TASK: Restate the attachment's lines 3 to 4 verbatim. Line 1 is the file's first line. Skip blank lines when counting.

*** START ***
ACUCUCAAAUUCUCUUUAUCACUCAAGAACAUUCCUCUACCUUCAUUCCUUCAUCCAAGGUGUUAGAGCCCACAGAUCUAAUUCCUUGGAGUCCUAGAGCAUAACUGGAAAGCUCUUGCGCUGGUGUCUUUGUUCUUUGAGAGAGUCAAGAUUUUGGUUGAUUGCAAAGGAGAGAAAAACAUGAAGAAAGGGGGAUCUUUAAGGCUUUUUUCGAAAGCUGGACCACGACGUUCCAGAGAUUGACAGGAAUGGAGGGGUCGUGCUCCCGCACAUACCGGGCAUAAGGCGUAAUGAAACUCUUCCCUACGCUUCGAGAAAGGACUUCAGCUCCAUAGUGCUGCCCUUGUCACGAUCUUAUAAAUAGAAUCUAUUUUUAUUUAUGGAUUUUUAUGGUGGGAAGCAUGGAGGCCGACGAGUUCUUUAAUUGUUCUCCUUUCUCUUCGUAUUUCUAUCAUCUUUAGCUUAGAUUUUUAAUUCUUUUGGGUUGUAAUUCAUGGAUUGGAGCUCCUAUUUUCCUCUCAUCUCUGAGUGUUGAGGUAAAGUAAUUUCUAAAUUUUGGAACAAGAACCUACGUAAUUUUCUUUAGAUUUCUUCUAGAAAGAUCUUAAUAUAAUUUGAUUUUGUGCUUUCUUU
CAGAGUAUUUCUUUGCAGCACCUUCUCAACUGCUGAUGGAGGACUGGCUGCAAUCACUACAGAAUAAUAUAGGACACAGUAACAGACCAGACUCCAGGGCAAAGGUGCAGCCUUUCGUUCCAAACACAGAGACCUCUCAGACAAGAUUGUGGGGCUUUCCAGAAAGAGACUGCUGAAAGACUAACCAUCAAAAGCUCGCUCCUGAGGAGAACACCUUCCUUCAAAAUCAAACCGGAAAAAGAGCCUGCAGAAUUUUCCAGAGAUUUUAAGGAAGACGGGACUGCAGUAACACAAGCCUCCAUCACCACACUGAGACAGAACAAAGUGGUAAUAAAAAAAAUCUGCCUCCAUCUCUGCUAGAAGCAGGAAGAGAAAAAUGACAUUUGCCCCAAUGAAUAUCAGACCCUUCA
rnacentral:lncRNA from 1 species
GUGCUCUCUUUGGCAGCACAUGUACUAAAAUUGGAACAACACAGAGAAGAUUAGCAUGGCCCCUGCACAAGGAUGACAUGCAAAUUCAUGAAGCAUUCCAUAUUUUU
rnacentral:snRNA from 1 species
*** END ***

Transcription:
rnacentral:lncRNA from 1 species
GUGCUCUCUUUGGCAGCACAUGUACUAAAAUUGGAACAACACAGAGAAGAUUAGCAUGGCCCCUGCACAAGGAUGACAUGCAAAUUCAUGAAGCAUUCCAUAUUUUU